Get Moving & Get Rid of Pain

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Moving can be the last thing you want to do when you’re in pain. But Miranda Esmonde-White, creator of Essentrics, explains how movement can be your way out of pain.

Omega: We have an epidemic of chronic pain, especially low back pain. When you’re in pain the last thing you want to do is move, so how do you convince people that movement is part of the solution?

Miranda: People tend to think it’s all or nothing—that they need to do a big workout or nothing at all. I have people who are in pain, find the place they are not in pain. I have yet to meet anyone who doesn’t have a place where they can move where they’re not in pain. It might be a very little movement, but there is movement. That’s where they can start. Maybe they’re just wiggling something and hardly moving at all. That’s okay. Just wiggle and then move a little more.

Pain is a message. You try to turn it off through very small movements where you don’t trigger the pain. The body will learn from this within nanoseconds. Once it sees that this isn’t hurting you, it’ll let you go a little further. You can slowly move a person out of immediate pain when they move, to being able to move pain-free until they find their pain point, where the genuine damage is. You should never work in pain—work in the zone where you’re not in pain and then the body will understand what’s going on. 

The actual pain can’t heal if you’re always in protection mode. So if you can get out of protection mode by moving less, and moving in places where there is no pain, the results can be quite amazing.

Omega: So “no pain, no gain” is not a very good approach?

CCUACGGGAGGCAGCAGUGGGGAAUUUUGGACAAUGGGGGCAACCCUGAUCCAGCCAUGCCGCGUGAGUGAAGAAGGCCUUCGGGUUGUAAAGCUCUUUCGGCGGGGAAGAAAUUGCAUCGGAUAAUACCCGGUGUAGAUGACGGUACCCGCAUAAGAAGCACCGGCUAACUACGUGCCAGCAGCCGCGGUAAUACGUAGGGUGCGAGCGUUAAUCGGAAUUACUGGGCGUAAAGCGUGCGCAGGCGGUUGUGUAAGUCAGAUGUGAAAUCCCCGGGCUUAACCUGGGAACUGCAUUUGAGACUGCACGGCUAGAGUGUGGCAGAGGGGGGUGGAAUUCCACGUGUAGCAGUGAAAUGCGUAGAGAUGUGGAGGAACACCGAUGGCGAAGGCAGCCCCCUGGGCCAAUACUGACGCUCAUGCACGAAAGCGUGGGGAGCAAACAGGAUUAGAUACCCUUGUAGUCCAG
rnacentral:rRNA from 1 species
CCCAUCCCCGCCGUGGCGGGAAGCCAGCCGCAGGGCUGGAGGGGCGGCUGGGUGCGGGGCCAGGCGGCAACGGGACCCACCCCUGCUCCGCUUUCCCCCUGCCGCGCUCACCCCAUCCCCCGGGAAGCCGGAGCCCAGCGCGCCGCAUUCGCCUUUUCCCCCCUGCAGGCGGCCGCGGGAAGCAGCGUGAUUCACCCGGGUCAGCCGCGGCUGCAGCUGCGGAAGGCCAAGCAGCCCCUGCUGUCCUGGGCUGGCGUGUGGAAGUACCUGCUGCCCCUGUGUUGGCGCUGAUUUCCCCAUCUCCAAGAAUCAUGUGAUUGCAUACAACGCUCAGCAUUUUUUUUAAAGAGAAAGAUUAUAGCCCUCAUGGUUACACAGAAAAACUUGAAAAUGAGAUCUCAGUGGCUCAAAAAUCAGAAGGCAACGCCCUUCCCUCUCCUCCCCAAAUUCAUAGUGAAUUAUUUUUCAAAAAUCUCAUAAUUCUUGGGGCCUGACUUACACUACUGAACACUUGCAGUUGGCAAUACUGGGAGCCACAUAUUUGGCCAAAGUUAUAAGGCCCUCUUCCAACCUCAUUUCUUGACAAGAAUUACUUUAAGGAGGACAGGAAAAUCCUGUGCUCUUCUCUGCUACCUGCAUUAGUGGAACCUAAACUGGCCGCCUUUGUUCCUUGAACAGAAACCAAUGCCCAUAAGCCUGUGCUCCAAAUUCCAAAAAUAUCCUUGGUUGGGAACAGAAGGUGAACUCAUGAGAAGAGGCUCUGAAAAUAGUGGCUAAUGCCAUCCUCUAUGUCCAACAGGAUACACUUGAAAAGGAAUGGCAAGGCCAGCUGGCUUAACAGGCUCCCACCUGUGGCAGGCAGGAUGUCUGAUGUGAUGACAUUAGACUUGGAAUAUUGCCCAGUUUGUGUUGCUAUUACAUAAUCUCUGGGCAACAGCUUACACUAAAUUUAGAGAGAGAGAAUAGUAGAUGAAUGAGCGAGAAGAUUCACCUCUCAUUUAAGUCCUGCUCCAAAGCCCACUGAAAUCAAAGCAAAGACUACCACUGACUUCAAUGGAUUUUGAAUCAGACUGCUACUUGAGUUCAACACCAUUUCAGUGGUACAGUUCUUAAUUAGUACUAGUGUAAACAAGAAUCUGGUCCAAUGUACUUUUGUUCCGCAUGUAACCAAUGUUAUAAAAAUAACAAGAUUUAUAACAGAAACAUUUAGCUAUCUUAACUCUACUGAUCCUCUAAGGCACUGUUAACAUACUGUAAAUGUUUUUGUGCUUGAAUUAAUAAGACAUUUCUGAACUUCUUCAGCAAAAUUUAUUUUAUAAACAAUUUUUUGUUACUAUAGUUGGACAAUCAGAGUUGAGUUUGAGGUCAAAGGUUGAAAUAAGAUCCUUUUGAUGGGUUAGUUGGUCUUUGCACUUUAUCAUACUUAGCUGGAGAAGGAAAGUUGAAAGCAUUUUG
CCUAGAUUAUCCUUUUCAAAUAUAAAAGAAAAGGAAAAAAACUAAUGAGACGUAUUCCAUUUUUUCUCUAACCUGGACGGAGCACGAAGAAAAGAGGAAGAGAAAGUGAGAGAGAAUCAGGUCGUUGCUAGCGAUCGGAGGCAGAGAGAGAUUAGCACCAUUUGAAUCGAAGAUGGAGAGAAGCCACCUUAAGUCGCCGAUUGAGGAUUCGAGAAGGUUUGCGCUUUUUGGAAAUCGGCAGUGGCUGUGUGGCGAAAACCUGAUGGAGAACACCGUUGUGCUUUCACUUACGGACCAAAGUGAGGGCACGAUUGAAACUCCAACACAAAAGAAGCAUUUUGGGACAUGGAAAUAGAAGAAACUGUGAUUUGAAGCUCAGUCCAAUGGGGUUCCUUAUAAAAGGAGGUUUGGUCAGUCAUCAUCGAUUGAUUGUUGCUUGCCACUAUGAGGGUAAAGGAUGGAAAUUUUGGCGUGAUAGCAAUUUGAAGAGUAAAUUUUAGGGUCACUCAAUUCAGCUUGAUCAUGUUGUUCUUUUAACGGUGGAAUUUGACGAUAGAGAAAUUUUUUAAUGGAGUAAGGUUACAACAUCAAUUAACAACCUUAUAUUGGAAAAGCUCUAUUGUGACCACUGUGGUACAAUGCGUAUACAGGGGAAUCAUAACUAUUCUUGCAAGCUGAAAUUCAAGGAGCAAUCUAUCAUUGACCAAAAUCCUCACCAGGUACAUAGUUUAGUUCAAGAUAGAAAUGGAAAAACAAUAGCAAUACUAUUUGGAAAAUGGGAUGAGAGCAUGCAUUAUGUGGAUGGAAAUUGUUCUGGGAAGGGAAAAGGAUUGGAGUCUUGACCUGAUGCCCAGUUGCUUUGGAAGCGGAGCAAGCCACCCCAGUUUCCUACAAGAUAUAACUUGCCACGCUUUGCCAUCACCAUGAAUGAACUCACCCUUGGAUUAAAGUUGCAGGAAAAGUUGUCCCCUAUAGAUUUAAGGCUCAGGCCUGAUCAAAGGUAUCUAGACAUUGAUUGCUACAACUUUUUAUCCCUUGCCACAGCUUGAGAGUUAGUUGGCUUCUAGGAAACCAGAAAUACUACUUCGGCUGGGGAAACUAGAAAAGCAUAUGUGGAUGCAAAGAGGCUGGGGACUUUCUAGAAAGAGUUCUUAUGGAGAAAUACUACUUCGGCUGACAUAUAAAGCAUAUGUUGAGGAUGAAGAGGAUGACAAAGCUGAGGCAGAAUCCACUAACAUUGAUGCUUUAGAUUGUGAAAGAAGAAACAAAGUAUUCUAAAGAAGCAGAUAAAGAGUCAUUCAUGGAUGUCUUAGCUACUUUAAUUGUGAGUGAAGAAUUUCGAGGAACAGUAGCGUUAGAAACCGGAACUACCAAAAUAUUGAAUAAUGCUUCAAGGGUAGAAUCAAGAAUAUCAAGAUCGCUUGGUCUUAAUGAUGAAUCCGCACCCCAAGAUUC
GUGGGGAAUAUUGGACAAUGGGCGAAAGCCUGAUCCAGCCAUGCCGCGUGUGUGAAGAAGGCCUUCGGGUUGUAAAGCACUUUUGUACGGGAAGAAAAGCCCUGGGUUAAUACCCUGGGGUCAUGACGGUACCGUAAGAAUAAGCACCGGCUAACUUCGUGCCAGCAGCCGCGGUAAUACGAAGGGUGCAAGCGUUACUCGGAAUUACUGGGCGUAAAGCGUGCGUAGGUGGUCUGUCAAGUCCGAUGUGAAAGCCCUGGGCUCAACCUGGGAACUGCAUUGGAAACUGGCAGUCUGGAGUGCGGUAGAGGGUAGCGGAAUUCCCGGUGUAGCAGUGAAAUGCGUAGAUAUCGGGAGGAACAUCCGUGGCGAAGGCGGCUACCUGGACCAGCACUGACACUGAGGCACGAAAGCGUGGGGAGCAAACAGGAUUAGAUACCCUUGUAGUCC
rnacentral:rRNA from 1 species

Miranda: It’s completely for the birds! It’s a criminal philosophy, but we were ignorant when the fitness industry started and it sounded good at the time. We were all young and we were excited to be in pain.

Omega: What do you think about the surge in popularity of extreme races, like mud runs and obstacle courses, especially for people in their 40s, 50s, and 60s?

Miranda: Most people who try to do these things get injured because their body can’t handle it. If they work only to shorten their muscles, they’ll unbalance their body and they’re going to be in pain. There’s no way around it. But most of them don’t want to hear my message or my story. That’s okay. Some people do our program to help them do things like this better—I have a lot of CrossFit people come—but I don’t lecture them on it. It’s like religion—you don’t interfere with somebody else’s fitness journey. If they come to me, I’ll teach them, but generally people don’t want to be told what they’re doing is bad for them.

Omega: How did your experience of pain and injury contribute to your evolution from ballet dancer to Essentrics creator?

Miranda: I’ve been in pain so many times. I’ve had breast cancer, I’ve had chronic back pain, I’ve had a broken foot and broken wrist and all kinds of surgeries. It all helped me understand what I’m talking about from a first-hand place. I’m almost 70 and for five years now I’ve been pain-free, healthy, and vibrant. I feel like I’m 30. A few months ago we were filming in Mexico and I literally ran up and down a pyramid with 126 steps with no effort. I am full of energy—I’m writing two books, I finished two TV shows, and I’m teaching retreats. I think this is what everybody my age should feel. 

When I was 30 I felt like a 60-year-old. I was in pain all the time. I was at the doctor’s office all the time and crippled from back pain. I’ve not only healed from all that, I’ve completely reversed it all. So not only have I done all the work on the science of it, I am also speaking from my personal experience.